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An Alternative InternetRadical Media, Politics and Creativity$
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Chris Atton

Print publication date: 2004

Print ISBN-13: 9780748617692

Published to Edinburgh Scholarship Online: September 2012

DOI: 10.3366/edinburgh/9780748617692.001.0001

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Fan Culture and the Internet

Fan Culture and the Internet

Chapter:
(p.138) Chapter 6 Fan Culture and the Internet
Source:
An Alternative Internet
Author(s):

Chris Atton

Publisher:
Edinburgh University Press
DOI:10.3366/edinburgh/9780748617692.003.0006

Internet radio demonstrate the ways in which the application of new technology to a traditional medium might prompt audiences to create their own forms of creative communication. This chapter focuses on such audiences as fans and examines how the online fanzine has developed as a means of building and maintaining taste communities across geographic boundaries. It looks at avant-garde and experimental forms of contemporary popular music, examines particular fanzine projects that have emerged on the Internet, analyses them in terms of their historical connections with the printed fanzine, and considers the extent to which the online fanzine is presenting new opportunities for fan production. The chapter also assesses the creative potential of ezines and the opportunities they offer for fans to become creative artists themselves. After discussing the nature and purpose of fanzines, it explores progressive rock fanzines on the web, fanzines as encyclopaedias, and the involvement of musicians in the production and writing of fanzines or fanzine-like publications.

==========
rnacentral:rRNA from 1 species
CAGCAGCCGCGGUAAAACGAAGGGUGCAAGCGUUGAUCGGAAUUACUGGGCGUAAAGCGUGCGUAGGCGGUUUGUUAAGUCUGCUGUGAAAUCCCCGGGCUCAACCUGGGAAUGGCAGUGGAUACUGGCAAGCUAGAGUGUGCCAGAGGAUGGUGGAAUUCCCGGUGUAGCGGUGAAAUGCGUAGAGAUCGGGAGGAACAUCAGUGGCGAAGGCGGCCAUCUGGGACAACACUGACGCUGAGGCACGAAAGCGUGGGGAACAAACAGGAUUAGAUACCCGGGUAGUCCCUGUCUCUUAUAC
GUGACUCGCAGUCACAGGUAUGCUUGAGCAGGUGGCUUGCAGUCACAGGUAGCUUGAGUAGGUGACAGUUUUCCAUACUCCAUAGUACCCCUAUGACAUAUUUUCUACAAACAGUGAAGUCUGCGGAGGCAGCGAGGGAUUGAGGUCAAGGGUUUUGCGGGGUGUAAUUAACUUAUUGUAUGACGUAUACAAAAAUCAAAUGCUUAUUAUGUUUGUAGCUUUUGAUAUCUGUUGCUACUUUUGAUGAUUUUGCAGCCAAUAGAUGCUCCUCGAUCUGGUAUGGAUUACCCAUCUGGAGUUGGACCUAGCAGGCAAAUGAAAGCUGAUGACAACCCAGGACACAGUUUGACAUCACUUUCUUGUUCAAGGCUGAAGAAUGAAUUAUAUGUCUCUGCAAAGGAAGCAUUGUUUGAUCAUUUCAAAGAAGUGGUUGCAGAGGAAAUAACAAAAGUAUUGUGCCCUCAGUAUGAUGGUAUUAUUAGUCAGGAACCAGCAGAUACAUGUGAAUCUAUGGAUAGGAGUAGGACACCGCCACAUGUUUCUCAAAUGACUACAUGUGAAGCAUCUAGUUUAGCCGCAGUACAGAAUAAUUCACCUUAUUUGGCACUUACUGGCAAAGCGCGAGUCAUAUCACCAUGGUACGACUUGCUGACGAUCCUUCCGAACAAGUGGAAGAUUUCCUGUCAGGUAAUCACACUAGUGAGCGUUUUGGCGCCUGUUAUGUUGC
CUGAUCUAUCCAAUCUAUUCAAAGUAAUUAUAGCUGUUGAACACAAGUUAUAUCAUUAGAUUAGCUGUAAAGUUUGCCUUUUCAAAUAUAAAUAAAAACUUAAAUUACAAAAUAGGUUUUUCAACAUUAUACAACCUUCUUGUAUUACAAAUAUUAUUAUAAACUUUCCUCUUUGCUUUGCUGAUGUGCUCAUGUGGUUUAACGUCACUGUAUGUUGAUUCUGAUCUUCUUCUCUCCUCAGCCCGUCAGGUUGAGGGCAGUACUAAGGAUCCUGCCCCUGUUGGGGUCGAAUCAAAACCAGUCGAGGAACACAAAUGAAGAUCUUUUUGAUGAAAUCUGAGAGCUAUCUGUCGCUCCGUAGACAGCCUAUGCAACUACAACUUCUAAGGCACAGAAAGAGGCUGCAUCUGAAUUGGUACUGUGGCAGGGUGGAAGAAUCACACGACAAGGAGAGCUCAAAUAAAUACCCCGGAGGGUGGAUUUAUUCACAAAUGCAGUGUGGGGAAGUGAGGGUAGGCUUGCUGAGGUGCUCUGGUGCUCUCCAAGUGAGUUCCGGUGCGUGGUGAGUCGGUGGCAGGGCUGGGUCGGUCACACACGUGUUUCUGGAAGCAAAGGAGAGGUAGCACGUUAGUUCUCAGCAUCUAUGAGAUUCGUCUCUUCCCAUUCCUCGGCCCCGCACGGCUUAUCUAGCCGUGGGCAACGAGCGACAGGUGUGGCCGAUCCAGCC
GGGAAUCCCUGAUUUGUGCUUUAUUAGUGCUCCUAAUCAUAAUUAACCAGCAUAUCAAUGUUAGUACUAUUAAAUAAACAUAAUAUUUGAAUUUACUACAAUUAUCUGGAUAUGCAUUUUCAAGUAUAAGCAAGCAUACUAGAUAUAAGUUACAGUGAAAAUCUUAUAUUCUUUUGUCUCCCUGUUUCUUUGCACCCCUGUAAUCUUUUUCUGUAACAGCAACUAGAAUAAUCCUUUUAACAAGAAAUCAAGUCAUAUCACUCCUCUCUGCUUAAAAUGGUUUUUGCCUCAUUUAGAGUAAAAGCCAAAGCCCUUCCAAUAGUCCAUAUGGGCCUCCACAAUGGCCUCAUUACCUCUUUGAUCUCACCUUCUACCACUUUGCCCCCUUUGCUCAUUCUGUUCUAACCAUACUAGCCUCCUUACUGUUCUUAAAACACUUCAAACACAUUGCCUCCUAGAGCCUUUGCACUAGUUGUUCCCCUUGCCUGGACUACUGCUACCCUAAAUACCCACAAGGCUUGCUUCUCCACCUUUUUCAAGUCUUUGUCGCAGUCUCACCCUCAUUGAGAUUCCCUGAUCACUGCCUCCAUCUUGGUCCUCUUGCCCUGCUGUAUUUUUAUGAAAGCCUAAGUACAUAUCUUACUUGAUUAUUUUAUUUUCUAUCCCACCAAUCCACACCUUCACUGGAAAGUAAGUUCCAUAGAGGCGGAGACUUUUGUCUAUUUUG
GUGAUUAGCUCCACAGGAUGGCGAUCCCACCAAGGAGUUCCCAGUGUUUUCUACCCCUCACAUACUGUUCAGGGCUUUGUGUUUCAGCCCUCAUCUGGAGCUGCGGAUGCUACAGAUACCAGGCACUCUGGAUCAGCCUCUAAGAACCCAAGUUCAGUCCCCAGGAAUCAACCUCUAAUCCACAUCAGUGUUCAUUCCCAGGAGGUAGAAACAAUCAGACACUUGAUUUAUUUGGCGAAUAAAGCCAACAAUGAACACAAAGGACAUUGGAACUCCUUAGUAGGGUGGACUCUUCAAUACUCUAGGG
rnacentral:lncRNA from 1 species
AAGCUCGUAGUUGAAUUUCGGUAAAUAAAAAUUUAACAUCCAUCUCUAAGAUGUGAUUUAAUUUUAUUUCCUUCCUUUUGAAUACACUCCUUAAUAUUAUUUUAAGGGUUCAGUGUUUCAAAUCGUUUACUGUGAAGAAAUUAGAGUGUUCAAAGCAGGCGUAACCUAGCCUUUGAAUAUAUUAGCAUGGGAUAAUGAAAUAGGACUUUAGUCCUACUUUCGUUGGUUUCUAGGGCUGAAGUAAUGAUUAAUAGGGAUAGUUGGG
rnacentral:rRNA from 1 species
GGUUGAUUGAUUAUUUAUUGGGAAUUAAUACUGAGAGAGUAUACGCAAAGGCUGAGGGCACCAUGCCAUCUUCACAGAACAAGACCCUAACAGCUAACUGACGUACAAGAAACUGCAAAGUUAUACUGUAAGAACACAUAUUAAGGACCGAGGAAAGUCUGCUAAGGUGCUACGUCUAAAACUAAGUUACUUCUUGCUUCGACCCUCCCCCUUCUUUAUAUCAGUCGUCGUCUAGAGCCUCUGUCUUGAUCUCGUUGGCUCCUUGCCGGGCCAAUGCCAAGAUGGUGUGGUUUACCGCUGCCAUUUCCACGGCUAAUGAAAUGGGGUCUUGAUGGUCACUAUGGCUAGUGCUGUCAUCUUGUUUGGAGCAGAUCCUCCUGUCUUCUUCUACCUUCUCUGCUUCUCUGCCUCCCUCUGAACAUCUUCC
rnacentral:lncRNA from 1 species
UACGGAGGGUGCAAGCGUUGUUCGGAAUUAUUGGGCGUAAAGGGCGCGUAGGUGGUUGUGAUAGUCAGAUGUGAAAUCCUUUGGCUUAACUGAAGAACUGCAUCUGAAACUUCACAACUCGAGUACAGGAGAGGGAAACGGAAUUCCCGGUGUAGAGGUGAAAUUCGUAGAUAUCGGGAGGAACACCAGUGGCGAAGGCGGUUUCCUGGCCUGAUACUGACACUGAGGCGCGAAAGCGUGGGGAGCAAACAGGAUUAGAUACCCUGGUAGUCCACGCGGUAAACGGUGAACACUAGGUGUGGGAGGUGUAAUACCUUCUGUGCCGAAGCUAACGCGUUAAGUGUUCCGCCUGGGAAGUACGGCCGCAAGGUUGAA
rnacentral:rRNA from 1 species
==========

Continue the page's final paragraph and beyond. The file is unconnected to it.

Keywords:   fanzines, fans, popular music, Internet, ezines, progressive rock, encyclopaedias, musicians

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